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Ocean Chemistry


Biogeochemistry

What is Biogeochemistry? Biogeochemistry is a relatively new scientific discipline that explores the physical, chemical, biological, and geological processes and…

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Ocean Chemistry

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The understanding of chemistry in the ocean is critical because changes can influence marine life, and in turn, human life.

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Carbon Cycle

Carbon is the building block of life on Earth and has a powerful impact on the planet’s climate.

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The pH Scale

ph scale

pH is a measure of the concentration of hydrogen ions in a solution. The more hydrogen ions that are present,…

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To Tag a Squid

To Tag a Squid

How do you design a tag that can attach to a soft-bodied swimming animal and track its movements? Very thoughtfully.

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How Do Corals Build Their Skeletons?

How Do Corals Build Their Skeletons?

WHOI scientists discovered precisely how ocean acidification affects coral skeletons’ a factor that will help scientists predict how corals throughout the world will fare as the oceans become more acidic.

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Searching for ‘Super Reefs’

Searching for ‘Super Reefs’

Some corals are less vulnerable to ocean acidification. Can the offspring from these more resilient corals travel to other reefs to help sustain more vulnerable coral populations there?

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Marshes, Mosquitoes, and Sea Level Rise

Marshes, Mosquitoes, and Sea Level Rise

In the 1930s, the Cape Cod Mosquito Control Project dug approximately 1,500 miles of ditches across marshes on the Cape to drain their water and reduce the number of ponds where mosquitoes can breed. Woods Hole Oceanographic Institution biogeochemist Amanda Spivak is studying how this and other management decisions have changed the ability of coastal marshes to store carbon and protect against sea level rise.

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Life at the Edge

What makes the shelf break front such a productive and diverse part of the Northwest Atlantic Ocean? A group of scientists on the research vessel Neil Armstrong spent two weeks at sea in 2018 as part of a three-year, NSF-funded project to find out.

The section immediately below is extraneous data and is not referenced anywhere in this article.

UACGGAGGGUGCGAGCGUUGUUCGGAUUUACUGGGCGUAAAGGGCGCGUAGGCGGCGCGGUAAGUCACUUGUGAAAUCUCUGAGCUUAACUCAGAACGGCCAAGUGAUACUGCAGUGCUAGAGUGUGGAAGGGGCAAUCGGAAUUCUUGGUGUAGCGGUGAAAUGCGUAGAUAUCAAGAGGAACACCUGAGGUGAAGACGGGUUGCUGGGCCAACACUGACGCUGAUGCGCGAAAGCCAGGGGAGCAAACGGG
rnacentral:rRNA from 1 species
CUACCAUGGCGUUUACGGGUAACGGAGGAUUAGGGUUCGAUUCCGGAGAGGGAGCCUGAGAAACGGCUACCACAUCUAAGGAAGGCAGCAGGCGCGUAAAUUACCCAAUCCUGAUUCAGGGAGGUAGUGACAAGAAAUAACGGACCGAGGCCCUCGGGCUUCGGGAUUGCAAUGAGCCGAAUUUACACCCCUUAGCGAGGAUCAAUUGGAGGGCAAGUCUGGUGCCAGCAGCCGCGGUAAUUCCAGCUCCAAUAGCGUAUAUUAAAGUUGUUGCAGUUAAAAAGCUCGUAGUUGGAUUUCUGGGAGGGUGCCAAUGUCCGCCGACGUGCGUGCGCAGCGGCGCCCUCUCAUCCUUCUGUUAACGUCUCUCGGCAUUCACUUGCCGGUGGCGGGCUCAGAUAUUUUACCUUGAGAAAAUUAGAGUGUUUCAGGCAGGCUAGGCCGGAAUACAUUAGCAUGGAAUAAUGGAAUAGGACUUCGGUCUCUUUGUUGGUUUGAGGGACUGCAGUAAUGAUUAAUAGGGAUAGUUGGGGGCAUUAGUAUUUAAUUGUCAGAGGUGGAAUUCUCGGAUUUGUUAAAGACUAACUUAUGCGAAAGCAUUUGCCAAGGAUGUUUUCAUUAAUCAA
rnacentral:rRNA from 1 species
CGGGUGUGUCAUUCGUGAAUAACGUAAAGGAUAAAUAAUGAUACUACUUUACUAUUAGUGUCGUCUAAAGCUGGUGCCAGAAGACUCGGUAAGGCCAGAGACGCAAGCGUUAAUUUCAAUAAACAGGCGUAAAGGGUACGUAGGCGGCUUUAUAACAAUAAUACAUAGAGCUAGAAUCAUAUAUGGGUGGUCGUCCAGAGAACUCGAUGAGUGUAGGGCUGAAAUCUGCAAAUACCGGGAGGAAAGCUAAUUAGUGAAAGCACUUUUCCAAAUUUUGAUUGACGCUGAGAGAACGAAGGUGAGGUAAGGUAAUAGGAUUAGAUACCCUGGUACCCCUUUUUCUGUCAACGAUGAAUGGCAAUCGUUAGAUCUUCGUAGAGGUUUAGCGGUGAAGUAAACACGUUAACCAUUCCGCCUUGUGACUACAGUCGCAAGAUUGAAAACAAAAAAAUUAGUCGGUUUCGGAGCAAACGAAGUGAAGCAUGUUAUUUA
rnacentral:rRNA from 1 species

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A Change Has Come in the Arctic

A Change Has Come in the Arctic

On a long voyage across the Arctic Ocean, an MIT-WHOI graduate students finds chemical clues that climate change has already had impacts on the region.

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Sunlight Reduces Effectiveness of Dispersants Used in Oil Spills

Sunlight Reduces Effectiveness of Dispersants Used in Oil Spills

A research team led by Woods Hole Oceanographic Institution (WHOI) found that sunlight chemically alters crude oil floating on the sea surface within hours or days. In a follow-up study the team reported that sunlight changes oil into different compounds that dispersants cannot easily break up. The results of these two studies could affect how responders decide when, where, and how to use dispersants.

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Mission to the Ocean Twilight Zone

Mission to the Ocean Twilight Zone

The twilight zone is a part of the ocean 660 to 3,300 feet below the surface, where little sunlight can reach. It is deep and dark and cold, and the pressures there are enormous. Despite these challenging conditions, the twilight zone teems with life that helps support the ocean’s food web and is intertwined with Earth’s climate. Some countries are gearing up to exploit twilight zone fisheries, with unknown impacts for marine ecosystems and global climate. Scientists and engineers at Woods Hole Oceanographic Institution are poised to explore and investigate this hidden frontier.

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